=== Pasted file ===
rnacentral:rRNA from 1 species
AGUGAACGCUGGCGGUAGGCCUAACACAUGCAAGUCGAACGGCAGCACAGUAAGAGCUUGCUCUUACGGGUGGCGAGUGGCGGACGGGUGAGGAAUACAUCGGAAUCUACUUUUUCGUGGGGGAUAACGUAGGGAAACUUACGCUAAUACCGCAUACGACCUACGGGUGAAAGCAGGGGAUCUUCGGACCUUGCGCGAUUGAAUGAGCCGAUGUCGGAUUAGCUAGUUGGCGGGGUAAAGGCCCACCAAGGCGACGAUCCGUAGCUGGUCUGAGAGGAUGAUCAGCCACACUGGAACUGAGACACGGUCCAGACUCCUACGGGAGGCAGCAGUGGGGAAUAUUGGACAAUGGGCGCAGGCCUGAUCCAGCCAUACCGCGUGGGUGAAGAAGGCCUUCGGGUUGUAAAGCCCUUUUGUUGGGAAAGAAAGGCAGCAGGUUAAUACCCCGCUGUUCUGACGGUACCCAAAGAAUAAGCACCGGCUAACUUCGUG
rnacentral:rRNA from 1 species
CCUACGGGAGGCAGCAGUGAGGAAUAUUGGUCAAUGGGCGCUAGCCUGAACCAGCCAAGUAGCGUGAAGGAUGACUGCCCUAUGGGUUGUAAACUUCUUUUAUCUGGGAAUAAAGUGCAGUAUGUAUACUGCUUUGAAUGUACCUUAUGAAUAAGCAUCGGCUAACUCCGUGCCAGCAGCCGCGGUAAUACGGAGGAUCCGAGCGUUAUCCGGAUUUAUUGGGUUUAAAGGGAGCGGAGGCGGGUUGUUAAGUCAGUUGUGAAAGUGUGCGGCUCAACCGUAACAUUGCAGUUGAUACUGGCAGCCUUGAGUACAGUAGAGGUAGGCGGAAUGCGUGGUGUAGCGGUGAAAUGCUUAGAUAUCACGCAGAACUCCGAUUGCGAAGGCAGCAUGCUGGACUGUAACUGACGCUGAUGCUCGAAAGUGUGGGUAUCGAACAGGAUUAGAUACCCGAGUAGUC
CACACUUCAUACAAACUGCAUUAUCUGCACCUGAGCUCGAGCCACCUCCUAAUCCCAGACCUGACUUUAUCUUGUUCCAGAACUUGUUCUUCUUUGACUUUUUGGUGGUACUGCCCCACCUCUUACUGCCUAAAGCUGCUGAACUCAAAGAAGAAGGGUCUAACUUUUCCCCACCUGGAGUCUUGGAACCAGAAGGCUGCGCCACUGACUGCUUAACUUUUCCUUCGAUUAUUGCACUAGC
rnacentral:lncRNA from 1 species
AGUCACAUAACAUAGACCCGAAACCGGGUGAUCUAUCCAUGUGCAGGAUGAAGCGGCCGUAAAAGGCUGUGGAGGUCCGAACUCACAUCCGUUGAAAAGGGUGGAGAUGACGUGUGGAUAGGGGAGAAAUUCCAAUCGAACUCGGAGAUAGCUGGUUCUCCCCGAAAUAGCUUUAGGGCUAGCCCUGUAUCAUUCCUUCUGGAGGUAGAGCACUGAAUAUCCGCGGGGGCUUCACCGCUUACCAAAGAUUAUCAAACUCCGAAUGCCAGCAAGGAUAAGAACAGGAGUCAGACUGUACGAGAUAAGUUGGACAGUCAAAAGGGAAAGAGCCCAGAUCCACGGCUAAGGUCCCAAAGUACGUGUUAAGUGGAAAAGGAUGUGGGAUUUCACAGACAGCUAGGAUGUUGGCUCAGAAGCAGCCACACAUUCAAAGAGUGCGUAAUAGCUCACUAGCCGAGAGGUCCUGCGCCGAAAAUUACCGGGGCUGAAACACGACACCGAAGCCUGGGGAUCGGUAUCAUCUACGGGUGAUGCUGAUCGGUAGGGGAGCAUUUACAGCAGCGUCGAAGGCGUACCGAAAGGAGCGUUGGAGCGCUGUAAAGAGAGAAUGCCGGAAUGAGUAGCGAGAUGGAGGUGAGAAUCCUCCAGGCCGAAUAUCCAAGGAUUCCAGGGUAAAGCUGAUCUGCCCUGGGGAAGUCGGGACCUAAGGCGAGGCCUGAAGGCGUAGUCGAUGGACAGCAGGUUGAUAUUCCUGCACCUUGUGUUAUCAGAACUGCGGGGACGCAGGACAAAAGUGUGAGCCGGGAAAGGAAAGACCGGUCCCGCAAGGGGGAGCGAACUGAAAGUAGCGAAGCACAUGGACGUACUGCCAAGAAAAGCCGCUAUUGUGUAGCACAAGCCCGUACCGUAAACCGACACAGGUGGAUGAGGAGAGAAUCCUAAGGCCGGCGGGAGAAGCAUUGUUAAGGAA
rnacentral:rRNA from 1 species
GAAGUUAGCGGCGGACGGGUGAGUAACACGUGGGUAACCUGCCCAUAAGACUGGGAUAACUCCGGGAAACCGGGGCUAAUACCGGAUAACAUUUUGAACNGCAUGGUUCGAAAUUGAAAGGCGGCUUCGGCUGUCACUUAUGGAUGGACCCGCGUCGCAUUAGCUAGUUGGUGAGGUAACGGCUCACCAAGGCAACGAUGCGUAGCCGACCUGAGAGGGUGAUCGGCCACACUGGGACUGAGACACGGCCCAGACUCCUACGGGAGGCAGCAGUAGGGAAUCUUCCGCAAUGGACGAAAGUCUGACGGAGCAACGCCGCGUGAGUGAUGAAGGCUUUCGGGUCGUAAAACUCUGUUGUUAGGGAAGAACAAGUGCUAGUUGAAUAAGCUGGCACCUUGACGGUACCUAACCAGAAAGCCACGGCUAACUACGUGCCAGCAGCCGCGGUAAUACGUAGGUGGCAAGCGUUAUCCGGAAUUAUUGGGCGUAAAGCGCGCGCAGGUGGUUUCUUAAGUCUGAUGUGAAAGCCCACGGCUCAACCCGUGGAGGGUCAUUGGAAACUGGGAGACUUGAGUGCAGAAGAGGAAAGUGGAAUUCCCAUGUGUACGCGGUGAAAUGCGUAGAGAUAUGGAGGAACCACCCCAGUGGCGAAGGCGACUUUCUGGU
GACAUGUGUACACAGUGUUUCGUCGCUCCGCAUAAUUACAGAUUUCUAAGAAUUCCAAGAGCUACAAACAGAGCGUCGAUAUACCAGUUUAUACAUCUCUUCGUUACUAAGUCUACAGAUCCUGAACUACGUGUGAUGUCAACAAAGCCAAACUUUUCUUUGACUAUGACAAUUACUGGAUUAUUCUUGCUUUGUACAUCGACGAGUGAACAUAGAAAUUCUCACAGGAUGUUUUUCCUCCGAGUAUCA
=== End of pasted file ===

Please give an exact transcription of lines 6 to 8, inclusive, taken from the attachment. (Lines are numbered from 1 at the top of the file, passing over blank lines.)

rnacentral:lncRNA from 1 species
AGUCACAUAACAUAGACCCGAAACCGGGUGAUCUAUCCAUGUGCAGGAUGAAGCGGCCGUAAAAGGCUGUGGAGGUCCGAACUCACAUCCGUUGAAAAGGGUGGAGAUGACGUGUGGAUAGGGGAGAAAUUCCAAUCGAACUCGGAGAUAGCUGGUUCUCCCCGAAAUAGCUUUAGGGCUAGCCCUGUAUCAUUCCUUCUGGAGGUAGAGCACUGAAUAUCCGCGGGGGCUUCACCGCUUACCAAAGAUUAUCAAACUCCGAAUGCCAGCAAGGAUAAGAACAGGAGUCAGACUGUACGAGAUAAGUUGGACAGUCAAAAGGGAAAGAGCCCAGAUCCACGGCUAAGGUCCCAAAGUACGUGUUAAGUGGAAAAGGAUGUGGGAUUUCACAGACAGCUAGGAUGUUGGCUCAGAAGCAGCCACACAUUCAAAGAGUGCGUAAUAGCUCACUAGCCGAGAGGUCCUGCGCCGAAAAUUACCGGGGCUGAAACACGACACCGAAGCCUGGGGAUCGGUAUCAUCUACGGGUGAUGCUGAUCGGUAGGGGAGCAUUUACAGCAGCGUCGAAGGCGUACCGAAAGGAGCGUUGGAGCGCUGUAAAGAGAGAAUGCCGGAAUGAGUAGCGAGAUGGAGGUGAGAAUCCUCCAGGCCGAAUAUCCAAGGAUUCCAGGGUAAAGCUGAUCUGCCCUGGGGAAGUCGGGACCUAAGGCGAGGCCUGAAGGCGUAGUCGAUGGACAGCAGGUUGAUAUUCCUGCACCUUGUGUUAUCAGAACUGCGGGGACGCAGGACAAAAGUGUGAGCCGGGAAAGGAAAGACCGGUCCCGCAAGGGGGAGCGAACUGAAAGUAGCGAAGCACAUGGACGUACUGCCAAGAAAAGCCGCUAUUGUGUAGCACAAGCCCGUACCGUAAACCGACACAGGUGGAUGAGGAGAGAAUCCUAAGGCCGGCGGGAGAAGCAUUGUUAAGGAA
rnacentral:rRNA from 1 species